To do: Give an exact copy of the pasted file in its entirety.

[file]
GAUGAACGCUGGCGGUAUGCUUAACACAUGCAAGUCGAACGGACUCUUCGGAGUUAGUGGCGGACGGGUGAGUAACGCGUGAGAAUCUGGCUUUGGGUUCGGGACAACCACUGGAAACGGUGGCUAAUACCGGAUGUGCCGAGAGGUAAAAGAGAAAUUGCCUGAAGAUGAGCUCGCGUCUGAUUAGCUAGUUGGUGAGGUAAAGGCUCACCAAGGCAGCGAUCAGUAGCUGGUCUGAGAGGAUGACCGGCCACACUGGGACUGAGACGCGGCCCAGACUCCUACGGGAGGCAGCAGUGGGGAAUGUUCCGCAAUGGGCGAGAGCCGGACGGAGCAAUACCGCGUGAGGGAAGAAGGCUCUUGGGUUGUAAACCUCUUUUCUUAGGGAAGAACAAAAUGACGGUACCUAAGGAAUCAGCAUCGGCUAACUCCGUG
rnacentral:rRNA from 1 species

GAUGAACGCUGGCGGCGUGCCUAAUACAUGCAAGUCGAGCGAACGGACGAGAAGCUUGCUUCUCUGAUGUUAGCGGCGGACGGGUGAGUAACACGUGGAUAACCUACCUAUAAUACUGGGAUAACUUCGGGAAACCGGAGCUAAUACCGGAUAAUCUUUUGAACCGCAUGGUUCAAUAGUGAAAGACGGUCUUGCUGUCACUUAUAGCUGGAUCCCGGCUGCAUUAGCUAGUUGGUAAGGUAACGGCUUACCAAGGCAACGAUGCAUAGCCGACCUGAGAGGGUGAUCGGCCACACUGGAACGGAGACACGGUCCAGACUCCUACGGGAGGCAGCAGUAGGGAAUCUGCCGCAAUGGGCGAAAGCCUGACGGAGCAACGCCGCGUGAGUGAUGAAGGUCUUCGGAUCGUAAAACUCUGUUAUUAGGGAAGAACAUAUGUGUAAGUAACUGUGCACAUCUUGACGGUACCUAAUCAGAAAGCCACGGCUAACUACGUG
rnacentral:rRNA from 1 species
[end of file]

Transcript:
GAUGAACGCUGGCGGUAUGCUUAACACAUGCAAGUCGAACGGACUCUUCGGAGUUAGUGGCGGACGGGUGAGUAACGCGUGAGAAUCUGGCUUUGGGUUCGGGACAACCACUGGAAACGGUGGCUAAUACCGGAUGUGCCGAGAGGUAAAAGAGAAAUUGCCUGAAGAUGAGCUCGCGUCUGAUUAGCUAGUUGGUGAGGUAAAGGCUCACCAAGGCAGCGAUCAGUAGCUGGUCUGAGAGGAUGACCGGCCACACUGGGACUGAGACGCGGCCCAGACUCCUACGGGAGGCAGCAGUGGGGAAUGUUCCGCAAUGGGCGAGAGCCGGACGGAGCAAUACCGCGUGAGGGAAGAAGGCUCUUGGGUUGUAAACCUCUUUUCUUAGGGAAGAACAAAAUGACGGUACCUAAGGAAUCAGCAUCGGCUAACUCCGUG
rnacentral:rRNA from 1 species

GAUGAACGCUGGCGGCGUGCCUAAUACAUGCAAGUCGAGCGAACGGACGAGAAGCUUGCUUCUCUGAUGUUAGCGGCGGACGGGUGAGUAACACGUGGAUAACCUACCUAUAAUACUGGGAUAACUUCGGGAAACCGGAGCUAAUACCGGAUAAUCUUUUGAACCGCAUGGUUCAAUAGUGAAAGACGGUCUUGCUGUCACUUAUAGCUGGAUCCCGGCUGCAUUAGCUAGUUGGUAAGGUAACGGCUUACCAAGGCAACGAUGCAUAGCCGACCUGAGAGGGUGAUCGGCCACACUGGAACGGAGACACGGUCCAGACUCCUACGGGAGGCAGCAGUAGGGAAUCUGCCGCAAUGGGCGAAAGCCUGACGGAGCAACGCCGCGUGAGUGAUGAAGGUCUUCGGAUCGUAAAACUCUGUUAUUAGGGAAGAACAUAUGUGUAAGUAACUGUGCACAUCUUGACGGUACCUAAUCAGAAAGCCACGGCUAACUACGUG
rnacentral:rRNA from 1 species